This peculiar economic circumstance undermined the financing of Social Security in three important ways: (1) It slowed the flow of taxes into the Trust Funds; (2) it produced rapid increases in benefits, both for existing beneficiaries and for newly retiring workers; and (3) it further increased the amount of benefits paid as older unemployed workers took early retirements.(17)
What happened with wage growth? In general, higher average wages are good for Social Security, because more taxes flow into the Trust Funds. But it is not the absolute level of wage growth that is important; it is the relationship of wage growth to inflation that is critical.
As Chart 1 shows, wage growth in the 1950s was more than double that of inflation. In the 1960s, wage growth again outstripped inflation by a wide margin. In the 1970s, however, it actually fell short of inflation.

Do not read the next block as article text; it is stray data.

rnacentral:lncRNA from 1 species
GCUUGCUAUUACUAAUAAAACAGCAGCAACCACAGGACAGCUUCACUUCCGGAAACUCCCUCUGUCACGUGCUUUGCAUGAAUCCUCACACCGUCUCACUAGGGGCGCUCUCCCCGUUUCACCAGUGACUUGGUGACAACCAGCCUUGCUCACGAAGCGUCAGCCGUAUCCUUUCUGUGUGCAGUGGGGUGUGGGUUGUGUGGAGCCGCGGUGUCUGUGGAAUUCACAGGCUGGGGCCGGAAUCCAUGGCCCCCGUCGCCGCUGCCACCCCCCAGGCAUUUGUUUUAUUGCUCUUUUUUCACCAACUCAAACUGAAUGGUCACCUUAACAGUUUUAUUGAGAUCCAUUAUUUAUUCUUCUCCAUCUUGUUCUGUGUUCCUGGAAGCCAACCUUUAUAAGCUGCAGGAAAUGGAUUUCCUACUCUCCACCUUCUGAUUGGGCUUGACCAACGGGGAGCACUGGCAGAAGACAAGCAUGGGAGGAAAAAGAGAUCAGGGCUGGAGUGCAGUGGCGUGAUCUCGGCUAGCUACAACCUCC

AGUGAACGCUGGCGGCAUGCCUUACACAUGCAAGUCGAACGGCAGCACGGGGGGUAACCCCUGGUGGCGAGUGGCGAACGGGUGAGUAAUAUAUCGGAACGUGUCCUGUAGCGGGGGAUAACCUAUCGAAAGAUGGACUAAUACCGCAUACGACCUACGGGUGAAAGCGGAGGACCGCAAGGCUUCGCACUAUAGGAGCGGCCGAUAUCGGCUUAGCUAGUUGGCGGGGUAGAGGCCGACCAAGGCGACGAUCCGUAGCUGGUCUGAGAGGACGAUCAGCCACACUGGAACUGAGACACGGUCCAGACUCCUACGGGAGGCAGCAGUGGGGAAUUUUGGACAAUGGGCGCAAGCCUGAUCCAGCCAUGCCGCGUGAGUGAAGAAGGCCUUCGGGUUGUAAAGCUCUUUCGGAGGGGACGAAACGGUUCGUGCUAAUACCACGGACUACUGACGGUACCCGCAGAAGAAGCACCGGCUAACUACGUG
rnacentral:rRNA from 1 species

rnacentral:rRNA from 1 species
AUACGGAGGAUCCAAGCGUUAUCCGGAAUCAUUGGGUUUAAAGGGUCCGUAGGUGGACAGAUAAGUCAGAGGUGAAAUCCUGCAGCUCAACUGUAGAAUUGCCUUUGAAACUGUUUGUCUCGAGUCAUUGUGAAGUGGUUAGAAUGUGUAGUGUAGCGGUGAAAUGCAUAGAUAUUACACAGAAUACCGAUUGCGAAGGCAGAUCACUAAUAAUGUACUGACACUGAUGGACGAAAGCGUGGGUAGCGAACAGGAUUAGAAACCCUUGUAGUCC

As inflation drives up benefit costs, wages (and the taxes thereon) must grow to pay for benefits. The adequacy of financing for the 1972 law relied on the assumption that wage growth would continue at a rate roughly twice that of inflation. When wage growth failed even to match inflation in the 1970s, it resulted in a badly under-financed Social Security program.
Unfortunately, this was not a temporary aberration. While inflation was expected to decline, actuaries were no longer willing to make long-range projections based on the assumption that wage growth would outstrip inflation as it had in the 1950s and 1960s. Under these conditions, the method of calculating initial benefits based on a combination of wage growth and inflation inevitably resulted in benefits growing faster than revenues.